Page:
She was restrained, on her face, all because she was upset and wanted to go outside and walk it off.

If they had let her go, just followed her and monitored her location, she probably would have returned on her own.

Instead, they chose to escalate it to the point where she could have been killed.

Luckily, this time, she only got a case of rugburn on her face.

“…a large abrasion to Resident A’s left upper cheek area extending from just beneath the outside corner of her eye to her hairline. The abrasion was roughly the shape of an oval and was various shades of red, pink, and brown. The area also appeared to be slightly swollen.”

She was angry and upset. She chose a nonviolent, doctor-recommended method of dealing with emotional turmoil: Exercise!

She ended up pinned on the lawn where, two years later, Cornelius would take his last breaths.

I doubt if, when more details emerge about his death, there will be much to differentiate the two incidents, except that the girl lived, and Cornelius did not.

According to the report from 2018:

Staff 3 stated that Resident A was being aggressive all evening and was refusing expectations, which warranted the restraint.

She wouldn’t do what she was told, they mean.

I bet Cornelius didn’t either. I bet that is what “warranted” the restraint which would lead to his death.


Perfect obedience is not the route to “behavioral health.”

A troubled, traumatized teen is not going to do what they are told all of the time.

NO teen is going to do what they are told all of the time.

In fact, sometimes it is GOOD for them to refuse doing what they are told. Sometimes they may not be emotionally capable of doing what they are told. Sometimes they are stating their own personal limits, trying to set boundaries which keep them feeling safe.

None of that is worth dying for.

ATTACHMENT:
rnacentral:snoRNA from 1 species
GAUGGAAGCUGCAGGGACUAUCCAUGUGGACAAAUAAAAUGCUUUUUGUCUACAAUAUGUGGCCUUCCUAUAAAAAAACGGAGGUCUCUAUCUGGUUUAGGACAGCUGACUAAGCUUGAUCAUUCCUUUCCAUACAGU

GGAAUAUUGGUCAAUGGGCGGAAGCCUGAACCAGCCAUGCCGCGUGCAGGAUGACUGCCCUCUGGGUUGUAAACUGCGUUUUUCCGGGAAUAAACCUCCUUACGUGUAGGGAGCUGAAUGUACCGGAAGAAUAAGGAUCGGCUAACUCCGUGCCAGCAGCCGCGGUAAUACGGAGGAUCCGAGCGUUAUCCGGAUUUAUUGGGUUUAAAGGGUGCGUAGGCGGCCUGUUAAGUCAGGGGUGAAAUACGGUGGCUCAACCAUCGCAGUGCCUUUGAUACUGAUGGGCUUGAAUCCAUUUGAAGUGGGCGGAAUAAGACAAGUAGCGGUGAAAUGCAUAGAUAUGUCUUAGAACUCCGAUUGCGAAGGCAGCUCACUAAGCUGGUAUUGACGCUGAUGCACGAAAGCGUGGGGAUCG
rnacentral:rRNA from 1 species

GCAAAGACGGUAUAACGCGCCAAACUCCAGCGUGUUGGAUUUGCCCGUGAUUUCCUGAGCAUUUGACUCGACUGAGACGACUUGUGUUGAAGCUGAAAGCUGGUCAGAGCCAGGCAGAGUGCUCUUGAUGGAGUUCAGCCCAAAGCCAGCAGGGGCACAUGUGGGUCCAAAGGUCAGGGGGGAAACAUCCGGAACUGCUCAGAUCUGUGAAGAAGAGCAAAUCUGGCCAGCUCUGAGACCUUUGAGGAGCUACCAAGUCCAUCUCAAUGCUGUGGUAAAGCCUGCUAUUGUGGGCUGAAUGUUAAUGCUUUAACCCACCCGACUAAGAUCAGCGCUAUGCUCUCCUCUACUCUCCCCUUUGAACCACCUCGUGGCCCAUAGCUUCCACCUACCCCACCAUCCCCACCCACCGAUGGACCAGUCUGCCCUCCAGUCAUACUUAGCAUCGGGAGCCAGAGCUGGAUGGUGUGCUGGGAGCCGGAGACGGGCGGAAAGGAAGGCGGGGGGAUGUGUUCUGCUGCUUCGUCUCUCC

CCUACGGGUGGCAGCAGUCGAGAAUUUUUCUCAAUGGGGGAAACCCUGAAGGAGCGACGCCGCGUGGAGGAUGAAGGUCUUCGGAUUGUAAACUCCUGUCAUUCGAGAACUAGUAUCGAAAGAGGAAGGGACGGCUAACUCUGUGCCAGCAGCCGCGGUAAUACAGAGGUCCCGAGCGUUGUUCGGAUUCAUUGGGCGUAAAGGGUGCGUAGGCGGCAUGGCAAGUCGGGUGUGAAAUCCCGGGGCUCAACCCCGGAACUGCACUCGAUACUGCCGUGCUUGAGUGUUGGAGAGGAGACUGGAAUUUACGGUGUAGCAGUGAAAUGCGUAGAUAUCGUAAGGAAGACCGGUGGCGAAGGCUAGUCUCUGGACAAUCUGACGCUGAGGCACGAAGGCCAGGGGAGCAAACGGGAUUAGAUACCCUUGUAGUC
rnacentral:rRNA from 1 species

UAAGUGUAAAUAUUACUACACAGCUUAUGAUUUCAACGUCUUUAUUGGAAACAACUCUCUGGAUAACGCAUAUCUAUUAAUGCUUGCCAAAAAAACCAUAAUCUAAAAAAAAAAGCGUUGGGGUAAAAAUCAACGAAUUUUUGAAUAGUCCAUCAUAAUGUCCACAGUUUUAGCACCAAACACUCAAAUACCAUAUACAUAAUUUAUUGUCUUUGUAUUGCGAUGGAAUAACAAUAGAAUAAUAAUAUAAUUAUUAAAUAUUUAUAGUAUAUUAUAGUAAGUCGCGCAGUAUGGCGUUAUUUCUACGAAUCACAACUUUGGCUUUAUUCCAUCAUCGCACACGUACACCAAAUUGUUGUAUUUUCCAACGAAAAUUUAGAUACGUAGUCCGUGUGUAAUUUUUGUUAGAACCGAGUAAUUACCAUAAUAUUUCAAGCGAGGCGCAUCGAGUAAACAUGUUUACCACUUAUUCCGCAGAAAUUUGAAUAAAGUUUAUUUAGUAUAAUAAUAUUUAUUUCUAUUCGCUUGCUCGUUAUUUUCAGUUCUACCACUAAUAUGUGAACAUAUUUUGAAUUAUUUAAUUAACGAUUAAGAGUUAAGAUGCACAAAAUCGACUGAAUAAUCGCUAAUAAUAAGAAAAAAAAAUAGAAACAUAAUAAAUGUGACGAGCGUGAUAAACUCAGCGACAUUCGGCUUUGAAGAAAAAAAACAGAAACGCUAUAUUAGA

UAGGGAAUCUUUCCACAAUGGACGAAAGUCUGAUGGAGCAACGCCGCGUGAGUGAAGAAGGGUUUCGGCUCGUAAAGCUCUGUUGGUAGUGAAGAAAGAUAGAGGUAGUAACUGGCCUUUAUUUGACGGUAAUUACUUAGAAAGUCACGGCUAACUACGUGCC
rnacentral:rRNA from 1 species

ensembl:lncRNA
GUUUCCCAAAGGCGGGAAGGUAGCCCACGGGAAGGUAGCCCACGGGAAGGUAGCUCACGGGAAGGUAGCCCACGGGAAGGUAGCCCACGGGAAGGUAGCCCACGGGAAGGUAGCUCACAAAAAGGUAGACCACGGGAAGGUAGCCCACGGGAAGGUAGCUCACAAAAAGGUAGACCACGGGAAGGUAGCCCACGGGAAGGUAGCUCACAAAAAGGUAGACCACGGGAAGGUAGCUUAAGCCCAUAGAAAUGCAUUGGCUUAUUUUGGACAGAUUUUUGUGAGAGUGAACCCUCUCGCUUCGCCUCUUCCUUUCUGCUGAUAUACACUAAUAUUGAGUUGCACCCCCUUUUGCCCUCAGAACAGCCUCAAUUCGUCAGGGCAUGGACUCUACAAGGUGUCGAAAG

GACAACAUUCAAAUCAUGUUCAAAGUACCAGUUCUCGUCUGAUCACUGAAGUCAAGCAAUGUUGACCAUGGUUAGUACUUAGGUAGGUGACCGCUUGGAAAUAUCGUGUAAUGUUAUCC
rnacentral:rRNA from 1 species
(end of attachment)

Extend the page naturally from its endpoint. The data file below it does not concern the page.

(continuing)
Maybe they recognized that, because at the time of Cornelius’s death, things were changing at Lakeside.

In the beginning of 2019, Sequel announced that it would be adopting the Ukeru system for training staff at their facilities.

Ukeru is the brain child of the Grafton Health Network – an interstate “behavioral health” 501(c) and a major residential care provider. They recognized the problem with restraint and decided to do something about it.

Their system, Ukeru, has been proven to reduce restraints in an institution by as much as 99%. In other words, it basically eliminates the need for restraint my training staff how to actually support traumatized people properly.

The Ukeru system emphasizes Comfort vs Control. In other words, stop trying to control behavior and instead help the people feel comfortable.

“We realized we had a culture that was highly controlling. We wanted to flip that.” – Kim Sanders, President of Ukuru.

Ukuru emphasizes the importance of changing staff culture to get rid of controlling attitudes and replace them with comforting ones. It pushes the staff to be good role models for emotion management and to treat the students with compassion.

This ideology, this prioritization of keeping people feeling comfortable instead of trying to control their behavior, not only nearly eliminates the need for restraint, it also vastly increases the success of the people in their care.

A graph showing two lines - one representing treatment goals mastered, which drastically increases from below 40% to over 80% from 2006 to 2010, and a second line which represents physical restraint use, which drops from 50% in 2005 to below ten percent in 2007.

Notice the dates.

This type of methodology has been proven to work since 2007.


It is 2020, folks.

Grafton Integrated Health launched Ukeru training for other facilities in 2015, but their system was based off of psychology research which other companies, like Sequel, could have used to develop their own, similar programs long ago.

Ukeru is by no means the only system dedicated to eliminating restraint. There is Low Arousal Approach,  for example, which focuses on helping people stay connected and calm, and avoid getting over-excited, which leads to the kind of loss-of-control that puts people in danger. 

The common thread in all of these systems is reducing the amount of controlling behavior from staff, which leads to a missing teddy bear escalating into a death.

Jeff Newman, a Case Manager and a Critical Incident Investigator in the State of Colorado for people with intellectual and developmental disabilities said, in response to Cornelius’s death,